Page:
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EDITORIAL
Year : 2013  |  Volume : 1  |  Issue : 2  |  Page : 37-38

Preface to second issue of heart India


Department of Cardiology, Heritage Hospital, Varanasi, Uttar Pradesh, India

Date of Web Publication21-Sep-2013

Correspondence Address:
Alok kumar Singh
Editor in chief, Heart India, Department of Cardiology, Heritage Hospital, Varanasi - 221 005, Uttar Pradesh
India
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Source of Support: None, Conflict of Interest: None


DOI: 10.4103/2321-449x.118571

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How to cite this article:
Singh Ak. Preface to second issue of heart India. Heart India 2013;1:37-8

How to cite this URL:
Singh Ak. Preface to second issue of heart India. Heart India [serial online] 2013 [cited 2020 Aug 12];1:37-8. Available from: http://www.heartindia.net/text.asp?2013/1/2/37/118571

I welcome to all our readers of Heart India on the publication of second issue of Heart India and would like to thank everybody on overwhelming response to scientific community at the publication of first issue of Heart India.

The contrast induced acute kidney injury (CIAKI) or more commonly known as contrast induced nephropathy (CIN) is a well-known cause of acute renal failure in a hospital setting. CIAKI is defined as an abrupt (within 48 h) reduction in kidney function, evidenced by an increase in the serum creatinine (Cr) concentration of at least 0.3 mg/dL or at least 50% from baseline or a reduction in urine output (documented oliguria of <0.5 mL/kg/h for >6 h). [1] In first review article Sudarshan et al. reviewed contrast induced nephropathy in very detail but concise way.

Second article is an original research article by Dr Jyoti about variation in coronary artery anatomy based on cadaveric heart autopsy. Variations of coronary arteries can cause important clinical manifestation, including sudden death of the individual. In 100% of cases, the right coronary artery (RCA) and main left coronary artery (LCA) were found to arise from anterior aortic sinus and left posterior aortic sinus, respectively. In 8% of cases, the conus were found to have independent origin from the anterior aortic sinus. The RCA was found to be dominant in 90% of cases. In 10% of cases, the circumflex coronary artery was found to be dominant. In 10% of cases, LCA trifurcated, into ramus intermedius branch along with left anterior descending coronary artery and left circumflex artery. Also, 43.3% of LAD showed myocardial bridging predominantly in the middle 1/3 rd segment, and 6.7% of cases of RCA showed myocardial looping. In this study incidence of myocardial bridge is quiet high in comparison to angiographic studies, this is probably because of deference in definitions used.

Again third article is an original research article by Pakkala et al. short term effects smokeless tobacco on cardio-respiratory fitness. Smokeless tobacco has been advocated as a substitute for cigarette smoking. On the contrary, the use of smokeless tobacco is fraught with health risk and needs to be discouraged. Although previous reports have described long-term harmful effects of smokeless tobacco on various body parameters, little is known about short-term effects of smokeless tobacco on cardio-respiratory parameters. Very few studies have been undertaken on the effect of short-term use of smokeless tobacco in India on cardio-respiratory parameters of youngsters. The present study has been undertaken to study the effect of smokeless tobacco on cardio-respiratory fitness tests in young healthy tobacco chewers compared to age- and sex-matched nontobacco chewing healthy controls. Various cardio-respiratory parameters like resting HR, delta HR, MVV, VE max, VO 2 max were studied by using treadmill exercise testing and computerized spirometry. In this study no statistically significant difference was found in any parameter studied that can be attributed to the residual effect of short-term use of smokeless tobacco.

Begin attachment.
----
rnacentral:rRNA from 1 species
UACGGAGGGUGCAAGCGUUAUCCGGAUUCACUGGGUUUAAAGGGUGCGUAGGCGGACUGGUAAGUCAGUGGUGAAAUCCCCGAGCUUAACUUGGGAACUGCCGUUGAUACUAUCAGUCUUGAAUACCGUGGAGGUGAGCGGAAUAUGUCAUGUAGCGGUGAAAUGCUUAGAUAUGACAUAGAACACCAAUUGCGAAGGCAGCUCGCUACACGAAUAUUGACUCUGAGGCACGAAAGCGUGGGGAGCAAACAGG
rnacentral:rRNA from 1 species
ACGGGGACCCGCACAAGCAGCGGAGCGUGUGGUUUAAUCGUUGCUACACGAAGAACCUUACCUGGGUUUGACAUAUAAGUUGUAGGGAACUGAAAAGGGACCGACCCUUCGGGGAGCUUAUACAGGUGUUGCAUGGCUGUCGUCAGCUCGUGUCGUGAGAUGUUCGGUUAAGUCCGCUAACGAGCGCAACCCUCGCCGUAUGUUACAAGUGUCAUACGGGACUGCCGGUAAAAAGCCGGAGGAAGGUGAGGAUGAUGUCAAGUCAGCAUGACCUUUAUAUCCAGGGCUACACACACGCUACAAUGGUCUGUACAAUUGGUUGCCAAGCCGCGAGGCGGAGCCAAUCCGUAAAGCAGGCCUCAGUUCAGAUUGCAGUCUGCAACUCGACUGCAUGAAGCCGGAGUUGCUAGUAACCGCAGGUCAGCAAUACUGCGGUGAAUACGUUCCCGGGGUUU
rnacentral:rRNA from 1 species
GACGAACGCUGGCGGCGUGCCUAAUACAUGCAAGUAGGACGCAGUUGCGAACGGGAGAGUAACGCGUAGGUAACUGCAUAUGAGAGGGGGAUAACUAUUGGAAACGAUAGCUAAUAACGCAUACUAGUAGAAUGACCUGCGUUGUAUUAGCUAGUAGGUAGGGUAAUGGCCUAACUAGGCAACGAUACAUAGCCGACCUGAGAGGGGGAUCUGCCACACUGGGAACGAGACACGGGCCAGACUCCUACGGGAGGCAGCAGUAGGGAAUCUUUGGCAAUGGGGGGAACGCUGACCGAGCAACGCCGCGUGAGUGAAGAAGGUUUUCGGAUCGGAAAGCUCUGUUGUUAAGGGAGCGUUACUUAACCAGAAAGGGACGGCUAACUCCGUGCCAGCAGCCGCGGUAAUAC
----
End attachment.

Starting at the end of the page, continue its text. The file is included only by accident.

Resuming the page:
Three case reports are being published in this issue. Transvenous pacing is the most common practiced way of permanent pace maker implantation. Complication can occur during or after the procedure and they are easily diagnosed by electrocardiogram (ECG), fluoroscopy, and echocardiography. Usually, a left bundle branch block (LBBB) pattern in surface ECG recording is observed after a right ventricular (RV) endocardial pacing. The presence of a right bundle branch block (RBBB) pattern raises the suspicion of lead perforation, which necessitates further intervention. However, it can be a normal finding in RV apical pacing. In first case report Ranjith, et al. have reported a case of a RBBB pattern in ECG after RV endocardial permanent pace maker implantation, suggesting a complication.

Angioplasty of anomalous coronary arteries can be technically challenging because of the difficulty in selectively cannulating the aberrant vessel. Dr Nagori has published her experience of angioplasty of an anomalous right coronary artery from left aortic sinus with the use of 6-Fr amplatz left 1 (AL-1) guiding catheter in second case report published in this issue.

In third case report Kinsara et al. have reported a rare complication post-bioprosthetic aortic valve replacement. A middle age man presented with the clinical features of pyrexia of unknown etiology and found out that he had endovascular infection, with septic emboli to the spleen. Authors have presented two interesting images as a quiz and discuss in brief the clinical data of the infected pseudo aneurysm of the aortic root and ascending aorta.

 
  References Top

1.Murphy SW, Barrett BJ, Parfrey PS. Contrast nephropathy. J Am Soc Nephrol 2000;11:177-82.  Back to cited text no. 1
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